Standing by themselves and taken at their face value, these sections would seem to require the taxpayer to make its return on the basis of receipts and disbursements or, in the alternative, on the basis of its own books of account if they reflect true income, under such regulations as the Commissioner may make, and indeed to require the latter alternative if the taxpayer is unable to make a return except on that basis.

So interpreting the statute, the Commissioner, with the approval of the Secretary of the Treasury, on January 8, 1917, before appellee made its income tax return for 1916, promulgated Treasury Decision 2433 which provides in part that under § 13(d) it "will be permissible for corporations which accrue on their books monthly or at other stated periods amounts sufficient to meet fixed annual or other charges to deduct from their gross income the amounts so accrued, provided such accruals approximate *438 as nearly as possible the actual liabilities for which the accruals are made, and provided that in cases wherein deductions are made on the accrual basis as hereinbefore indicated, income from fixed and determinable sources accruing to the corporations must be returned, for the purpose of the tax, on the same basis." It also provided in substance that when the taxpayer, following a consistent accounting practice, sets up reserves to meet liabilities, the "amount of which or date of maturity" is not definitely determinable, such reserve may be deducted from gross income. The decision also laid down a procedure for readjusting such reserves when the amount actually required for that purpose was definitely ascertained, and provided that if returns upon this basis of "accrual or reserves" did not reflect true net income, the taxpayer would not be permitted to make its return on any other basis than that of "actual receipts and disbursements."

We think that the statute was correctly interpreted by the Commissioner and that his decision referred to was consistent with its purpose and intent.

The Revenue Acts of 1909 and 1913 authorized a method of computing the income of corporations, which did not differ materially from that provided by § 12(a) of the Act of 1916. They required in terms that net income should be ascertained by deducting from gross income received, interest, expenses and taxes actually paid and losses actually sustained, but contained no provision corresponding to § 13(d) of the Act of 1916 by which a return might be made on the basis of the taxpayer's books of account. Corporation Excise Tax, Act of August 5, 1909, c. 6, § 38, 36 Stat. 11, 112; Corporation Income Tax, Act of October 3, 1913, c. 16, Section II, subdiv. G, 38 Stat. 114, 172.

It was pressed upon us in argument by appellees that it was found impracticable to comply strictly with the *439 requirements of the 1909 and 1913 Acts for computing income on the basis of receipts and disbursements and that under both acts the administrative practice was established, by appropriate Treasury regulations, permitting the use of inventories and authorizing deduction of expenses constituting a liability of the taxpayer, whether paid or not, in ascertaining net income, but that those regulations did not permit the deduction of taxes except in the year when paid. From this it is argued that Congress, by reenacting in § 12(a) of the Act of 1916 the corresponding provisions of the earlier acts, adopted the settled administrative practice, and that accordingly under that act, as well as under the earlier acts and Treasury regulations, taxes could be deducted only in the year when paid.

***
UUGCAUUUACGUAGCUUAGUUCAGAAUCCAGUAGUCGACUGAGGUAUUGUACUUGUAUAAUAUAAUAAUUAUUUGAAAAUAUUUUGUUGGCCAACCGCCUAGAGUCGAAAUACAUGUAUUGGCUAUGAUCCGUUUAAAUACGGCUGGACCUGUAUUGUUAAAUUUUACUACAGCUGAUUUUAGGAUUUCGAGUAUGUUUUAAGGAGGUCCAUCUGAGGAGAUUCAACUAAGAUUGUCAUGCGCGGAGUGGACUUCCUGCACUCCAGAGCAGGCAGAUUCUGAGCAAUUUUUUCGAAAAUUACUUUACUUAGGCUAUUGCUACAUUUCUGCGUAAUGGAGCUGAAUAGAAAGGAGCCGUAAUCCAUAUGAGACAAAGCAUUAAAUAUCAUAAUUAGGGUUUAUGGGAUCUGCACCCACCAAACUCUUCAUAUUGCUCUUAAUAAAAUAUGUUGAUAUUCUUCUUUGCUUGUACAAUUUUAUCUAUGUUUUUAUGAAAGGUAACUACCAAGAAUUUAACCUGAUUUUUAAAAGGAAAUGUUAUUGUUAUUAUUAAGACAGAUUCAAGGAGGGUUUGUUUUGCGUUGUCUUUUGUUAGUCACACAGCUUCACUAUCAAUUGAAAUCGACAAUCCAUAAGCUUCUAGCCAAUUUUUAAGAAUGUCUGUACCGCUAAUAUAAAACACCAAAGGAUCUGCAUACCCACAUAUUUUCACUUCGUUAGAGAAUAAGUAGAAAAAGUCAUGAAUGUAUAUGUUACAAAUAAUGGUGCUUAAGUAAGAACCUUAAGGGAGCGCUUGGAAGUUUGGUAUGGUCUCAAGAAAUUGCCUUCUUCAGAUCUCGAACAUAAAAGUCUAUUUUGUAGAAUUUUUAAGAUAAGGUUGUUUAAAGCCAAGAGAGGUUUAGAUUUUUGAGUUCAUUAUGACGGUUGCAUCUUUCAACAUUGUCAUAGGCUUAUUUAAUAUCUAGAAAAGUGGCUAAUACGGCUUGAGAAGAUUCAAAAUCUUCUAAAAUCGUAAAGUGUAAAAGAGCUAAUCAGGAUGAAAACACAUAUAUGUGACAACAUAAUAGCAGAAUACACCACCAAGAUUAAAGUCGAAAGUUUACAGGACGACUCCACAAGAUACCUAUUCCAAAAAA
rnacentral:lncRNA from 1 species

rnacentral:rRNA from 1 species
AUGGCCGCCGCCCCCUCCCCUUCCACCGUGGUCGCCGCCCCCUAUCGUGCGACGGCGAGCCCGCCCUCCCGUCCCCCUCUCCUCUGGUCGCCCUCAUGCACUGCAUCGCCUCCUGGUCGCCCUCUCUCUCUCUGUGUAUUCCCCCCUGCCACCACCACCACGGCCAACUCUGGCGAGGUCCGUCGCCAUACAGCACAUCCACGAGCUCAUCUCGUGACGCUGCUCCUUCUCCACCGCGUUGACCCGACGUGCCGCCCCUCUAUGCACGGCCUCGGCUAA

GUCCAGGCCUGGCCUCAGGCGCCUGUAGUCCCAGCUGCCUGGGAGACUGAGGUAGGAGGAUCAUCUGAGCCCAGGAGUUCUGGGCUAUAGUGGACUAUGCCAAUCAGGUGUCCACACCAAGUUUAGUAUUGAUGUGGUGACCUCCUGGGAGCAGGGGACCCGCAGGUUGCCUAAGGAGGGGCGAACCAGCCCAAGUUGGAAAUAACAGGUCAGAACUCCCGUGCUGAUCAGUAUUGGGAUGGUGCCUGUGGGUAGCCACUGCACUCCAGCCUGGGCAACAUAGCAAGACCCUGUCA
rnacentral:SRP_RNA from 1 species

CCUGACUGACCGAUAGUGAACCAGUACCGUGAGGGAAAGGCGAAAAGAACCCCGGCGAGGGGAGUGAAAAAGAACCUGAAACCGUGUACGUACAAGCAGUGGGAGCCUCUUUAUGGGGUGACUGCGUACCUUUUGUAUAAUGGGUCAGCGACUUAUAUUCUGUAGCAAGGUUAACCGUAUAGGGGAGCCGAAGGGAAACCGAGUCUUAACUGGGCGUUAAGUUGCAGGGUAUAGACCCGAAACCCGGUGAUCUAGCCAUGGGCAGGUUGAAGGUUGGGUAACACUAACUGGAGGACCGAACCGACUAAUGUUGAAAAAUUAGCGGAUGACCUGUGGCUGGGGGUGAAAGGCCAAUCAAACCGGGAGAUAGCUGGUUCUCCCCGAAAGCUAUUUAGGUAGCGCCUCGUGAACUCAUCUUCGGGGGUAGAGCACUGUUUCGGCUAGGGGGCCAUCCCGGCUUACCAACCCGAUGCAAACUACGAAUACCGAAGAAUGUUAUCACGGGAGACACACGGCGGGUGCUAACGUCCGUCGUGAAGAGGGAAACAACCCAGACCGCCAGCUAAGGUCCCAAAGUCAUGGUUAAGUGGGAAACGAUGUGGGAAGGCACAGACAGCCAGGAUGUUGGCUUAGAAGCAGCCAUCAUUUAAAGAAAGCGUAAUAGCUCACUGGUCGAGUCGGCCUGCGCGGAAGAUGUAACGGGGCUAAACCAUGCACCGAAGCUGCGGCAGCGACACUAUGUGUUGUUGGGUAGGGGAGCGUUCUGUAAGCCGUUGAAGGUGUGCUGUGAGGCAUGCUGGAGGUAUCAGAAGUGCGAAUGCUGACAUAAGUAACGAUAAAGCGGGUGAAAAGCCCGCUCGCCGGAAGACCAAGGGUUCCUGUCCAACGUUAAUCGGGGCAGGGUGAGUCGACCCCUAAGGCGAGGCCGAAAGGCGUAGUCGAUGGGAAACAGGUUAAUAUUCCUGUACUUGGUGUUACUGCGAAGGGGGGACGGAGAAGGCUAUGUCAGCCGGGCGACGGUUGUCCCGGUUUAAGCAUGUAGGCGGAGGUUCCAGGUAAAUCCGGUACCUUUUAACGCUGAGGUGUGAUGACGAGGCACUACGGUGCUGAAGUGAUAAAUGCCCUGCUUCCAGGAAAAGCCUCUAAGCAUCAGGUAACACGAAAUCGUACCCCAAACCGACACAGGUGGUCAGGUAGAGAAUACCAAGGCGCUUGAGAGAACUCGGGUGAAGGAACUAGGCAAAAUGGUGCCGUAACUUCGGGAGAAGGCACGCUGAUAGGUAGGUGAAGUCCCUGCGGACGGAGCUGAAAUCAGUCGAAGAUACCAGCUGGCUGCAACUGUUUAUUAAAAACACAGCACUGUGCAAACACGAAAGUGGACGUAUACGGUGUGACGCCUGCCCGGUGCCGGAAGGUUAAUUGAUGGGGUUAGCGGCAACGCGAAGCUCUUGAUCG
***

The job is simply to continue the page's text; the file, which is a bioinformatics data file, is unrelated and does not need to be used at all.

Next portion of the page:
This argument would have force had Congress stopped with the enactment of § 12(a). By thus adopting, without material change, the corresponding provisions of earlier acts, Congress might have been deemed to have recognized and adopted the established practice of the Department interpreting and applying them. National Lead Co. v. United States, 252 U.S. 140" court="SCOTUS" date_filed="1920-03-01" href="https://app.midpage.ai/document/national-lead-co-v-united-states-99535?utm_source=webapp" opinion_id="99535">252 U.S. 140. But, in the Act of 1916, Congress added § 13(d), which did not have its counterpart in earlier legislation. This section went further than any previous regulation by authorizing the tax return to be made on the basis on which the taxpayer's books were kept, provided only that the basis was one reflecting income and the return complied with regulations made by the Commissioner.

Treasury Decision 2433, to which reference has been made, was in harmony with this view of § 13(d). It recognized the right of the corporation to deduct all accruals and reserves, without distinction, made on its books to meet liabilities, provided the return included income accrued and, as made, reflected true net income. If the return failed so to reflect income, the regulation reserved *440 the right of the Commissioner to require the return to be made on the basis of receipts and disbursements.

A consideration of the difficulties involved in the preparation of an income account on a strict basis of receipts and disbursements for a business of any complexity, which had been experienced in the application of the Acts of 1909 and 1913 and which made it necessary to authorize, by departmental regulation, a method of preparing returns not in terms provided for by those statutes, indicates with no uncertainty the purpose of §§ 12(a) and 13(d) of the Act of 1916. It was to enable taxpayers to keep their books and make their returns according to scientific accounting principles, by charging against income earned during the taxable period, the expenses incurred in and properly attributable to the process of earning income during that period; and indeed, to require the tax return to be made on that basis, if the taxpayer failed or was unable to make the return on a strict receipts and disbursements basis.